March 24, 2009
Aaron French’s commentary yesterday on the Civil Eat’s blog raises this issue of how prepared the sustainable food movement is to take its seat at the table in Washington. An important question given the receptivity the current administration has shown of late. It seems some more organizing is necessary. Case-in-point: a statement from Obama, as quoted by Michael Pollan at the Georgia Organics conference (where I was on Saturday), in reference to taking action on sustainable food:
While Obama’s comments are encouraging, they point to the need for stronger organization within the movement. Obama needs to see a strong, organized movement in order to take action and work with Congress to fix our food system. Obama isn’t the first to note that the movement doesn’t have a unified voice. Yet, the voice (unified or not) is certainly gaining in volume and drawing attention (see this part weekend’s Washington Post or New York Times for examples of this. Post: White House Garden, Marylanders growing their own food, Times: White House Garden, reprint of a Pollan op-ed, 1.5 page article French refers to, discussion of eating well versus organic, op-ed about the sustainablility of fisheries). Side note: The Obamafoodarama blog commented that most of the White House garden coverage was by traditionally white-skewing media–something to pay attention to if we want to grow our movement to reach all citizens.
Michael Pollan raised his concern about the movement’s preparedness during his keynote (what he called a “State of the Movement”) address at the Georgia Organics Conference this weekend. According to Pollan, people often all mean different things when they talk about food reform; yet, there is a virtue in having a big guiding idea and an organizing rubric. I couldn’t agree more.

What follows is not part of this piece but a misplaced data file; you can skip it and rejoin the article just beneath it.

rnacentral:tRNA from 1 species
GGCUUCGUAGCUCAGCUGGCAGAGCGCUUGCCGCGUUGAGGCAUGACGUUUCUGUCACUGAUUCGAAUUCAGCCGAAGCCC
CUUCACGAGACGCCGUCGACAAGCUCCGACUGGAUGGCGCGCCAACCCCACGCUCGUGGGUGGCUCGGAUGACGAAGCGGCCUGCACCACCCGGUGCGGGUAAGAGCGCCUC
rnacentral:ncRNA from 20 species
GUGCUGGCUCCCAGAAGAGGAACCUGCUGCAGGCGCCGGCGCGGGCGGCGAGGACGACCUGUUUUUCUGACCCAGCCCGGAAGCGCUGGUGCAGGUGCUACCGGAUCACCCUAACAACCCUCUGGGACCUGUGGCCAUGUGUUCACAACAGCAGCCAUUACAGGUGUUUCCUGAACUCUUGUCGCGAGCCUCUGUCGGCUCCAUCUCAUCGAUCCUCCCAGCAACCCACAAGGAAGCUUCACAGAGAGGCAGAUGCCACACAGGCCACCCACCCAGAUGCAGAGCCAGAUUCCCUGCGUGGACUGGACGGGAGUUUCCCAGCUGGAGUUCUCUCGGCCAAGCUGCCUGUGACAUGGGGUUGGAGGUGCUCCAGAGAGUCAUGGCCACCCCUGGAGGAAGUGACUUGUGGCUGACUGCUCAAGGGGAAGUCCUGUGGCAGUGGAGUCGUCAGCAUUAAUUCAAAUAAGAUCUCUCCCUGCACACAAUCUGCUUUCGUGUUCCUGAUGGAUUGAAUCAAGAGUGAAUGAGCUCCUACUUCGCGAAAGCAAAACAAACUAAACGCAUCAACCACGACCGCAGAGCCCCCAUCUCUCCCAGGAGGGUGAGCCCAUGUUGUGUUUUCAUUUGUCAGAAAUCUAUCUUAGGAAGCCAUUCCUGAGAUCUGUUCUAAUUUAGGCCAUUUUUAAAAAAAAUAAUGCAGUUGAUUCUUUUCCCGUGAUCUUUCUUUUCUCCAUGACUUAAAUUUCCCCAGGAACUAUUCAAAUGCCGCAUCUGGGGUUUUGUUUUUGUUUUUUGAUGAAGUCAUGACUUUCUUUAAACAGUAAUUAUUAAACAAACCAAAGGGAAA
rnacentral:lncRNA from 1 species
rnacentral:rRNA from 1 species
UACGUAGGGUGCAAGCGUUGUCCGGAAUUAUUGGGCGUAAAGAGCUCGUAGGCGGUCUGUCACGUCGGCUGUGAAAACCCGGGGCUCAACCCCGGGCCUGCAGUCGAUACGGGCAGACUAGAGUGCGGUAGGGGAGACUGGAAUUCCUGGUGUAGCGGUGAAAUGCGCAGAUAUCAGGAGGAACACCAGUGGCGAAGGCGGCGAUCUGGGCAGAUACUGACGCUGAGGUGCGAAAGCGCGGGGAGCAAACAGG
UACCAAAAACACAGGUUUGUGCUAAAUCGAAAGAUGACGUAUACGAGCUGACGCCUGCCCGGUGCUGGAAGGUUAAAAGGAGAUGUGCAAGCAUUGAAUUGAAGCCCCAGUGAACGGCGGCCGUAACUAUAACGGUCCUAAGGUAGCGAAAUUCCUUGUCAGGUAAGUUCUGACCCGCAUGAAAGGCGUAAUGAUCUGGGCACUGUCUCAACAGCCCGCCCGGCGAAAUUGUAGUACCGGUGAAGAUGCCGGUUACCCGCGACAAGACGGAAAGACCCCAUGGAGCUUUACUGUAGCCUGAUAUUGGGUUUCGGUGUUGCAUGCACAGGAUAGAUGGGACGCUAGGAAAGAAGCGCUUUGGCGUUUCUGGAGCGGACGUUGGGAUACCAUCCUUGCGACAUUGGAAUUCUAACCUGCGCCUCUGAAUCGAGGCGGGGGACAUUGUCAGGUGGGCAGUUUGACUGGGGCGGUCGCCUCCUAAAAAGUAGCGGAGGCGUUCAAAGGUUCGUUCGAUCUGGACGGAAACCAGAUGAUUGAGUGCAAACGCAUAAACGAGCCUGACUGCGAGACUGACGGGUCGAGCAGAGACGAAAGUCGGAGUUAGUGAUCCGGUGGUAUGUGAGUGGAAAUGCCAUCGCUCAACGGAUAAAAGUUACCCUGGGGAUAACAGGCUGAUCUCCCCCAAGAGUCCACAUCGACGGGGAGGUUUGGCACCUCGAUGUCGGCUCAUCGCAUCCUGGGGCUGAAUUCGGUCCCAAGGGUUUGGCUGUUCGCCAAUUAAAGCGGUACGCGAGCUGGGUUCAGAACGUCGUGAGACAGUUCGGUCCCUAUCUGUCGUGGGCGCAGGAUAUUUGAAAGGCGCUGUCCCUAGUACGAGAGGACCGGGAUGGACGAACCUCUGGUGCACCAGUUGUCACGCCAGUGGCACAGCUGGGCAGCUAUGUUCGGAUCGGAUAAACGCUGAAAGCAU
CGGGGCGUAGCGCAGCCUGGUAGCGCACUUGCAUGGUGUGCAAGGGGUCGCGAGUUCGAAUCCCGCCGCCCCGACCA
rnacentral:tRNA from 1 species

The National Sustainable Agriculture Coalition (NSAC) is an excellent example of the kind of coalition that is needed from the sustainable food movement. NSAC’s member organizations all have specific areas of focus and are able to work on these important issues while also contributing to one focused voice for national policy debates. This singular voice is what enables meaningful policy change because it can be heard above the numerous asks of individual groups and can stand firmly in opposition to agribusinesses which have long been organized to speak as one on Capitol Hill.
Speaking with one voice will require serious debate to determine key priorities for the sustainable food movement. Champions of the movement will have to agree on a few major ones and move from there (feel free to start the discussion in the comments section here). There are already lots of good ideas out there. Pollan has suggested an over-arching concept for the movement. He calls it the “Sun Food Agenda” and outlines the idea in his letter to the “Farmer in Chief.” (Similar Pollan comments on changes needed in our food system can be heard in a Georgia Organics podcast.) Dan Imhoff is another person pushing for food system reform, and he outlined some ideas during his”Civic Agriculture” talk at the Georgia Organics conference (I’ve been told recordings of conference sessions will be available for sale through Georgia Organics). Imhoff was also involved in developing the Declaration for Healthy Food and Agriculture. Parke Wilde of the U.S. Food Policy blog also had some advice about how the movement should proceed. And, these are just a few of the voices.
The sustainable food movement can be “both and”–it must continue at the local and regional level, and it also needs to call for (enforced) federal policy that repairs our food system. Working from the top and the bottom the movement can meet in the middle and widen the playing field that has been cinched closed by agribusiness.
The next Farm Bill is 3 years away. It’s time to formalize the dialogue and organize the movement.